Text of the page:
As the year comes to a close I reflect on the friendships and relationships made this past year. The writing and teaching field has the most supportive people I’ve ever met and I’ve met a lot of people. They’re always willing to share information, opportunities and advice which is always valuable.
I recently met Monica Babaian in a twitter chat Story app chat that meets on Sundays at 8pm central. She’s a Tech savvy Librarian and i’m a Digital Author/aspiring Art Teacher. We even live in the same state but our paths might never have crossed had it not been for this chat. Her site is a great resource for parents and teachers which I plan on visiting often. The result of our meeting was an amazing app review with educational tie-ins and resources. It’s a great way to end the year and as I look forward to the New Year, my resolution is to keep looking forward because you just never know where the next friend, opportunity or great idea will come from.
The review below was re-blogged from: http://innovativelibrarianship.blogspot.com/2013/12/storybook-app-grendels-great-escape-by.html
Storybook App: Grendel’s Great Escape by Michelle Anaya
Grendel’s Great Escape is about a boy named Martin, who takes his pet ferret, Grendel, to school for show and tell. But when it’s Martin’s turn to present for show and tell, Grendel is missing! The entire school turns into a chaotic mess as Martin and his friends try to find Grendel while avoiding the wrath of the school’s principal, Mr. B.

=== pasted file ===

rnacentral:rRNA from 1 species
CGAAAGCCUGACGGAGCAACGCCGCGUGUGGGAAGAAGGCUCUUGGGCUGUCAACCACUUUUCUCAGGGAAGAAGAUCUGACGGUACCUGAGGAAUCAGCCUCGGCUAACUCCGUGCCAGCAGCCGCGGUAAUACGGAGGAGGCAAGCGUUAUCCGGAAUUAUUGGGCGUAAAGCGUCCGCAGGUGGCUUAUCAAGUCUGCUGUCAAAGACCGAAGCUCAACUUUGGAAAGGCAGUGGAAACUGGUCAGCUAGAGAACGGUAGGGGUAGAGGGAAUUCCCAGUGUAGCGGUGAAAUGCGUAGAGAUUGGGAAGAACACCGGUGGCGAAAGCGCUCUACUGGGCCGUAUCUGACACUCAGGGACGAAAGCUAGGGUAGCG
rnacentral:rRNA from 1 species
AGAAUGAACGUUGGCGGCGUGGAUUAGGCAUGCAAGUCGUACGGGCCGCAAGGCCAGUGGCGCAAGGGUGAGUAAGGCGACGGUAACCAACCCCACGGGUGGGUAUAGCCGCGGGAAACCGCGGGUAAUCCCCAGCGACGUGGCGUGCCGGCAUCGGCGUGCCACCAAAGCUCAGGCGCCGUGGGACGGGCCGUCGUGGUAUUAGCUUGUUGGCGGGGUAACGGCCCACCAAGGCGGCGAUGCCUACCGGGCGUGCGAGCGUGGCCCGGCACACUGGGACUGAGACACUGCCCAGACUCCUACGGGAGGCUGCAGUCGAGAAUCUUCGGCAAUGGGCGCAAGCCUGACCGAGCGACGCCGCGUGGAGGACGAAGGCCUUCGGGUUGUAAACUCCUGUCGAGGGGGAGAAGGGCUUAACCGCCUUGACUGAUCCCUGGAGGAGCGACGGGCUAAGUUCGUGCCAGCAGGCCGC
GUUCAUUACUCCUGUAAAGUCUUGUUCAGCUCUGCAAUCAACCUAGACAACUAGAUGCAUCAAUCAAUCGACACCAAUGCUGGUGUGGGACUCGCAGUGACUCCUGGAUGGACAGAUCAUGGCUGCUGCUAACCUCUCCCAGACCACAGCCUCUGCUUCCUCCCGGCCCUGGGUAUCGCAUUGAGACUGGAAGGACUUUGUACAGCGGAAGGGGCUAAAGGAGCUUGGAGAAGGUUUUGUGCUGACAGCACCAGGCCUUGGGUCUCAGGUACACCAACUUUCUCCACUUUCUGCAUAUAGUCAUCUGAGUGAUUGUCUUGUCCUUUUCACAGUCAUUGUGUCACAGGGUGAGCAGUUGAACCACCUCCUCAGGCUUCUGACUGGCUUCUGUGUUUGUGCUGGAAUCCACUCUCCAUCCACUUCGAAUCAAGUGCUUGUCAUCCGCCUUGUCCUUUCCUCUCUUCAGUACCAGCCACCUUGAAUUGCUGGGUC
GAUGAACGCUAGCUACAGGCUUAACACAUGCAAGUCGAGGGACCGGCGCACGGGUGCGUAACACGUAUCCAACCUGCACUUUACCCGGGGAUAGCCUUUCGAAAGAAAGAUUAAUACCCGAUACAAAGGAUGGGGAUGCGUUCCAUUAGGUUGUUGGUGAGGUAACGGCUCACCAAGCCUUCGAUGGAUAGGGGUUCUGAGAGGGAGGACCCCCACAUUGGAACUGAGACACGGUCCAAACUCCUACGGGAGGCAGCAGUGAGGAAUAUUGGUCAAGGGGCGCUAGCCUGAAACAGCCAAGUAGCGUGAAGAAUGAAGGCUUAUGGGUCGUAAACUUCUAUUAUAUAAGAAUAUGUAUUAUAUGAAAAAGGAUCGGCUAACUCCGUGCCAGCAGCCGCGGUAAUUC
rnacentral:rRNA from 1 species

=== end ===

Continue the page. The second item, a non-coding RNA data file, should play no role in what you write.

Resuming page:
What I really like about this storybook app is that it includes a long list of ferret facts at the end of the story. The storybook app also has its own curriculum for helping students develop reading strategies, which teachers and school librarians will find handy. For those teachers and school librarians who are allowed to have animals in their classrooms and libraries, a pet ferret would be a great way to make text-to-self connections with Grendel’s Great Escape.
|Grendel’s Great Escape includes two screens of ferret facts!|
Another possible way to use Grendel’s Great Escape in the classroom or library is to extend the storybook and reading strategies lesson into a science unit from Discovery Education (@DiscoveryEd), which has a couple of videos on ferrets and animal habitats. Yet another way – let students use online databases and encyclopedias to create their own list of ferret facts. Activities like these help students create text-to-world connections.
The storybook integrates interactive features throughout the book, including one page in which the reader can squirt ketchup or mustard all over the screen — something kids will surely enjoy. Readers have the option to turn the narration and music on or off. Blue Sandpiper Imprints recommends this storybook app for ages 4 and up. The Android version of Grendel’s Great Escape is $2.99, and the iPad version is $3.99.